Uncle Vanya

Written on May 23rd, 2016

Family Members and Other Moochers

Uncle Vanya, now playing at Shaw Festival’s Court House Theatre in Niagara-on-the-Lake is a fresh translation of the 1897 play.  And the language is refreshing.  Annie Baker came up with this 2012 version by going back to a literal translation along with the original Russian, and putting their colloquialisms into North American English of today.  Sometimes the words actually jar the audience, as they are meant to – 19th century Russians talking about moochers and creeps.

But while the language is refreshing, the story pulls us into a depressed and miserable world – again, as it is meant to.

Director Jackie Maxwell, in her last season as Artistic Director at the Shaw Festival, has created a brilliant production of Uncle Vanya.  Each character is perfectly cast and brilliantly acted.  The audience, in the intimate Court House Theatre, is pulled onto the stage and into the lives of this wretched, dysfunctional family and their hangers-on.Uncle Vanya

Vanya (also called by the more formal Ivan Petrovich) and his niece Sonya are managing their family’s decrepit and aging country estate, barely making ends meet.  They support Vanya’s mother (Sonya’s grandmother), their elderly nanny and an old gentleman whose nickname is Waffles because of his bad complexion, as well as servants.  A nearby doctor, Astrov, also spends time at the estate.

Into their orderly, daily struggle comes the husband of Vanya’s long-dead sister who is also Sonya’s father.  He is a pompous and pretentious professor, who expects to be called “Your Excellency”.  With him, he brings his new, much younger, beautiful wife Yelena. The estate is also supporting this couple, with Vanya giving them a monthly payment.

Vanya adored his late sister, and at one time respected this well-educated brother-in-law.  But he has come to realize that the professor is an arrogant snob who’s not all that intelligent.

Neil Barclay is mesmerizing as the unhappy Uncle Vanya.  His feeling of futility is palpable.  Marla McLean gives us a stoic yet hurting Sonya, who plugs along, hiding her sorrow, despite her lost love.  She hasn’t yet reached the level of Vanya’s depression, but we feel she is headed there.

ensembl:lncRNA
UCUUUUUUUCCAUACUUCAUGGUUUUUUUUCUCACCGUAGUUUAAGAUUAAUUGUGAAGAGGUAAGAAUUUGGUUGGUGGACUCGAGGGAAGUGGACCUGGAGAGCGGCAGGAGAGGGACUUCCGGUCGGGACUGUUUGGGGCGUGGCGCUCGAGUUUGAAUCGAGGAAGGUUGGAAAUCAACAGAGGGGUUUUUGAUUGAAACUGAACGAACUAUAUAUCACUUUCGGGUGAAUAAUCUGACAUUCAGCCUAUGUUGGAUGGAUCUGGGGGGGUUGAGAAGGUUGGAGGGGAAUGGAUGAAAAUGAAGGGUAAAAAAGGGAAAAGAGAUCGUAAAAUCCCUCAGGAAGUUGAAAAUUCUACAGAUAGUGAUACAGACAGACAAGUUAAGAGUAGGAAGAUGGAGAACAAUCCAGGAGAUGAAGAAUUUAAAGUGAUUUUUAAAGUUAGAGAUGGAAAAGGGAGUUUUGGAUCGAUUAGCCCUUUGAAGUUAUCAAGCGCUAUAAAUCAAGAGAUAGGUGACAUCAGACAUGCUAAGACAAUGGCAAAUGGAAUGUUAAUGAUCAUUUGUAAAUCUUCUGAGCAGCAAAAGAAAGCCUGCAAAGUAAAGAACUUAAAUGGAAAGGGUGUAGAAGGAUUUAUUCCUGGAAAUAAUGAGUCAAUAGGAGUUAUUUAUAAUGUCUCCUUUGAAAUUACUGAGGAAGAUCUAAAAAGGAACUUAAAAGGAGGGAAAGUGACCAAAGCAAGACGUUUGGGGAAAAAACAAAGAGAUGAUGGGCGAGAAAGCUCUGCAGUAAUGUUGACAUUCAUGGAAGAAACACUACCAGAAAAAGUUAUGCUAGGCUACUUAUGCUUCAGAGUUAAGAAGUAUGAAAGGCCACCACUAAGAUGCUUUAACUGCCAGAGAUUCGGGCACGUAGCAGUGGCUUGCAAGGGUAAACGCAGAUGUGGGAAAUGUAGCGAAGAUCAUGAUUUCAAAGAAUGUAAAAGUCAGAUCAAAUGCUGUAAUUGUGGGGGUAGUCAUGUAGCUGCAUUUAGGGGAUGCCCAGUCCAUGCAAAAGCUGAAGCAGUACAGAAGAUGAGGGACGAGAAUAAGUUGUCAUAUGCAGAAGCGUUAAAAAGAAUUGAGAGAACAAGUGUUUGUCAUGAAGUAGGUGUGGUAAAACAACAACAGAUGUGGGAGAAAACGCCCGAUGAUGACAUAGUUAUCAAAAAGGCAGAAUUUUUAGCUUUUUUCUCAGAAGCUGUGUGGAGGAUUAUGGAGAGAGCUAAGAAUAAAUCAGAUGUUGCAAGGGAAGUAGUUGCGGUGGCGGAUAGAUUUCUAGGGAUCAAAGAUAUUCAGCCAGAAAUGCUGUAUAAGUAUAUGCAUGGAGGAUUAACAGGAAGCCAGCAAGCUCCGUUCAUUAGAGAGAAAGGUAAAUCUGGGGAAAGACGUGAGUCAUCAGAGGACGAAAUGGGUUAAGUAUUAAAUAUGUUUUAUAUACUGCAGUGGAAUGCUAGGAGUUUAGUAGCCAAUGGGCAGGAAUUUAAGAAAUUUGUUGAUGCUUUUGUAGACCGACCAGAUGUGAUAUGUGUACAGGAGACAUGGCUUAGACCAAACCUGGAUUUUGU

Patrick McManus as Astrov, the doctor, plays the role so well we forget he is acting.  His language and mannerisms are perfectly natural.  McManus makes us take notice of the unassuming Astrov, especially when revealing his interest in ecology.  (Credit goes to original playwright Chekov who even talks about climate change in the 1890s.)

Moya O’Connell is perfect as the stunning Yelena.  We believe her when she says she was once interested in the professor, but now is bored with her life and the banal conversations.  She seems both flirtatious and sincere at the same time.  O’Connell effortlessly brings a breath of fresh air into this otherwise stagnant world.

The emotional depth that is created by these four actors and their characters’ infectious uselessness feels like a heavy weight on the stage.  This is the best drama I have seen at the Shaw Festival.

We leave the theatre feeling Vanya and Sonya’s pain, the Doctor’s loss and Yelena’s entrapment.  We are exhausted and drained.

Uncle Vanya continues in repertoire at The Court House Theatre, Shaw Festival, Niagara on the Lake until September 11.  For tickets, visit www.shawfest.com or call 1-800-511-7429.

Photo: Sonya (Marla McLean) the niece in Uncle Vanya.  Photo by Emily Cooper.

Uncle Vanya
By Anton Chekhov
Adapted by Annie Baker
Directed by Jackie Maxwell
Performed by Neil Barclay, Moya O’Connell, Marla McLean and Patrick McManus et al.
Shaw Festival, Court House Theatre, Niagara-on-the-Lake
May 1 to September 11, 2016
Reviewed by Mary Alderson

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